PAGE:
It would be a good idea to have a lawyer look at the document that gives your uncle a life estate. This is because a "life estate" can be tailored several different ways. Some life estates terminate if the life tenant moves out. Others don't terminate until the life tenant dies....Read more »
My common-law husband died after surgery. He had given me durable POA and I am sole beneficiary of his estate. He had just gotten his inheritance check from the sale of his mother's property but hadn't signed it. I can't probate the will until I get a death certificate but want... Read more »
Our law office has a letter we send that requests an accounting. Under Texas Law, if you don't receive a satisfactory response within the allotted time, then the judge can order that that all of the assets be distributed and/or order that the executor be removed.
My father in law passed away in June 2020. My husband has presented all documentation to the bank within 2 weeks of his dad's passing. However, the bank keeps giving him the runaround. The bank won't provide any information as to any of his dad's accounts or when they will be... Read more »
I can imagine that there could be one of two problems:
First, it could be that the bank requires "letters testamentary" or a "small estate affidavit." These can be required by the bank, and you can only get them by going to probate court. If your father in law had a...Read more »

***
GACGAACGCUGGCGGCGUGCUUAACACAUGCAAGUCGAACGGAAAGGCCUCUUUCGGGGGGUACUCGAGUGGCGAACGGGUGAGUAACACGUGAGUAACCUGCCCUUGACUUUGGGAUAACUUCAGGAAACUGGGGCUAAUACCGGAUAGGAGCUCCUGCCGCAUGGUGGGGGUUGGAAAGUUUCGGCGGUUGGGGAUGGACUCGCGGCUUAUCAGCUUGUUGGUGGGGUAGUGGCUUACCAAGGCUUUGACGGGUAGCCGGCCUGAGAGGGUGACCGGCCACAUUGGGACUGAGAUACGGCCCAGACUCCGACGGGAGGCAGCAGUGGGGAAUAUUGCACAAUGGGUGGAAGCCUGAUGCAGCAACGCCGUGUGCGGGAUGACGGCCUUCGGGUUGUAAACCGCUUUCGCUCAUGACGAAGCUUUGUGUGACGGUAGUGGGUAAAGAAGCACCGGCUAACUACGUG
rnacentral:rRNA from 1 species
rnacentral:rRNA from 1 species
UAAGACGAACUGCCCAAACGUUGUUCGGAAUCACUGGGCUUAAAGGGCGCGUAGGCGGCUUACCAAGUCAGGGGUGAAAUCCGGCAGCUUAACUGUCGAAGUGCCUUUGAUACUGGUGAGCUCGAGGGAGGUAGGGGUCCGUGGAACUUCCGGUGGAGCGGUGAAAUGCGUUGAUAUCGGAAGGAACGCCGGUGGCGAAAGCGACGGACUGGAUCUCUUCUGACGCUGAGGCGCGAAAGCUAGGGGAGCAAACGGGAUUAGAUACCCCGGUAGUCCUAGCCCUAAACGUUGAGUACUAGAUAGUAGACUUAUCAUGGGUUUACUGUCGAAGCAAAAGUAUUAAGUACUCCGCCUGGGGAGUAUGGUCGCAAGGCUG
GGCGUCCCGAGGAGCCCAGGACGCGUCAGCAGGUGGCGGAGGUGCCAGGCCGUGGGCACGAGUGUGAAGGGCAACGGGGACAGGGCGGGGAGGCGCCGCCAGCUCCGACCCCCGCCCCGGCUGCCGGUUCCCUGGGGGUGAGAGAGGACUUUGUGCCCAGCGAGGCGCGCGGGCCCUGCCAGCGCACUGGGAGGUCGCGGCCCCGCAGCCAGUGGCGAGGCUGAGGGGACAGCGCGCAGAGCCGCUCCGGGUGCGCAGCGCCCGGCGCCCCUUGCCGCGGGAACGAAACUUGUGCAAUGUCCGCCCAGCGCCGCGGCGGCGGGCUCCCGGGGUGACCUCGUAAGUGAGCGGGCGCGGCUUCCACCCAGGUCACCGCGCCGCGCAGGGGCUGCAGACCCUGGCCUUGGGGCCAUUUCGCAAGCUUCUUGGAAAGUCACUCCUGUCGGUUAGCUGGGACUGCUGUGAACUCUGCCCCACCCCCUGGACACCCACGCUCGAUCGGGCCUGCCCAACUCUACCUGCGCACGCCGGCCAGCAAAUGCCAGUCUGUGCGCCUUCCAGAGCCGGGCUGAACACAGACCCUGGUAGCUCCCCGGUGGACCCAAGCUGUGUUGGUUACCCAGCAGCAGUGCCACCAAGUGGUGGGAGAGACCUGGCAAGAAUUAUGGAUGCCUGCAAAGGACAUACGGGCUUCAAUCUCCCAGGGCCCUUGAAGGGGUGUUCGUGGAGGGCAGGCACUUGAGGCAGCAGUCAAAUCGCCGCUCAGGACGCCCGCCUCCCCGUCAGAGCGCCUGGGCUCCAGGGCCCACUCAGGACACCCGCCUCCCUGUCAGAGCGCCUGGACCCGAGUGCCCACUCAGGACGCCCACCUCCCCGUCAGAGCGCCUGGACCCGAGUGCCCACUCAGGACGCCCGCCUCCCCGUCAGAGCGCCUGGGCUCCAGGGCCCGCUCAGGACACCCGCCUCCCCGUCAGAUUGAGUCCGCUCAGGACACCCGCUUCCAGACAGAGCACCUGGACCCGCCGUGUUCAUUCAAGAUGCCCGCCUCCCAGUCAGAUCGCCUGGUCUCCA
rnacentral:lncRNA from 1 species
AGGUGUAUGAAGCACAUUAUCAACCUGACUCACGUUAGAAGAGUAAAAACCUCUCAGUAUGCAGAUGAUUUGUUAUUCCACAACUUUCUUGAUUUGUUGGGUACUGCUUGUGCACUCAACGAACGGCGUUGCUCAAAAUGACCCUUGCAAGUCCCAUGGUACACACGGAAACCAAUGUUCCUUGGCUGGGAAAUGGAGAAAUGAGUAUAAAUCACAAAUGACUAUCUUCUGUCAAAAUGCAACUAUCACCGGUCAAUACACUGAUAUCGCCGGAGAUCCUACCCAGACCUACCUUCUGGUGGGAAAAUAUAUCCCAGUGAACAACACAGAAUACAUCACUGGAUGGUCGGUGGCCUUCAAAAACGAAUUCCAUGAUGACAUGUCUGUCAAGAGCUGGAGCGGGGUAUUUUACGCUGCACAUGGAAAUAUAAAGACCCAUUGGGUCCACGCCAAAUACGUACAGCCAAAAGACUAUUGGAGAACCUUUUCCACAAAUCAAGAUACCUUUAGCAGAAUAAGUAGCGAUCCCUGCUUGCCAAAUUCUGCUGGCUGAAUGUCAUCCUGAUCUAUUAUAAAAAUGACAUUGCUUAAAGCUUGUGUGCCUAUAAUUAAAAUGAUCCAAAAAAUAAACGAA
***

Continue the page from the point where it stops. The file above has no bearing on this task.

In your questions, you state there was no will. So, you have two options. If you're going to hang on to the properties, the cheaper option is called an "affidavit of heirship." If you want to sell within the next five years or so, it might be better to do the title transfer the...Read more »
I agree with Ms. Garrett. Your grandmother could sign a deed, which would transfer the house to you. A "Ladybird" deed is often recommended in your grandmother's situation. Also, if she doesn't already have a will, she should have a will. In her will, she can leave the house...Read more »
It depends on the deed. Did the deed say they were "joint tenants with rights of survivorship"? If yes, then second-person-to-die's estate owns all of the property. If not, then each half would go to the respective persons' heirs (or will beneficiaries, if they have wills).
This is called "probate with will annexed." You can still have an administrator appointed, but you'll need an attorney if you want an administrator. If you don't want or need an administrator, then you can do a "probate as muniment of title only." With muniment of...Read more »
Yes, you can. You also should establish a trust in your will for your daughter. You need to do this so that your daughter doesn't lose her governmental benefits... We don't charge anything extra for adding this type of trust into our clients' wills.
My father is 98 and in a nursing home. He has always been adamant that his house would go to his children. Now his wife, who has insisted for years that he Has dementia, has gotten him to give her the house. What is our recourse?